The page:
(In 1908, the last major Earth impact from an asteroid or comet occurred in the unpopulated expanse of eastern Siberia. 830 square miles of boreal forests were leveled. In this latest fictionalized history series, we travel back to 1908 to experience the "Tunguska Event." Prior series: X-ray Martyrs and Westinghoused.)
Just joining us? Go back to Part 1.
The crow's eyelid flicked black.
It looked down the standing pine stripped of its branches. Nothing moved in the waves of bitter smoke below.
The crow jumped, and it's wings cut into the air. They beat higher over the jagged remains of the taiga.
Wheeling to the south, the bird soared over the hot currents. Skeletal forest ended abruptly, and a bizarre openness fanned into the distance. Acres upon acres of trees fallen into line. The bark was scorched black, and the needles curled into ash.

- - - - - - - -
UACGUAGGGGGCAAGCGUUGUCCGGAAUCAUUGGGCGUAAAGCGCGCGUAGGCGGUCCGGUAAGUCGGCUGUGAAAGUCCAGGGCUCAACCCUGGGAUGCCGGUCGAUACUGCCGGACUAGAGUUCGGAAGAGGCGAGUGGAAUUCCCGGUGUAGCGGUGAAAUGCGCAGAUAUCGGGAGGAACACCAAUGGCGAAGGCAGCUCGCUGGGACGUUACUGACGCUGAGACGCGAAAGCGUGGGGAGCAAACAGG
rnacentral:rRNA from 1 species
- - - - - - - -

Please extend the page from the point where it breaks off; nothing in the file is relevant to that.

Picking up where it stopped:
As the crow flew, the devastation thinned. Frayed and split wood yielded to standing trees once more. An Evenki tribesman bundled remnants of his choum and hauled the drag rope. His red and blistered arms shook. It was a long way to the river.
The bird swept over a rounded summit and down the leeward slope. There, an infant cried by a leaning house. His mother rocked him as the father gathered poles to brace the walls. Below, a fisherman dragged a boat to the dry shores of a lake.
The crow turned, following the ragged edge of the blast zone. It circled down onto Evenki pastureland.
Stealing a place in a squawking storm of wings, its beak ripped meat from a reindeer carcass and snapped it down.
The day was failing, but no stars came.
Only milky orange light, and the yip of wolves prowling down from the rocks and mountain shadows.
Back to Part 4.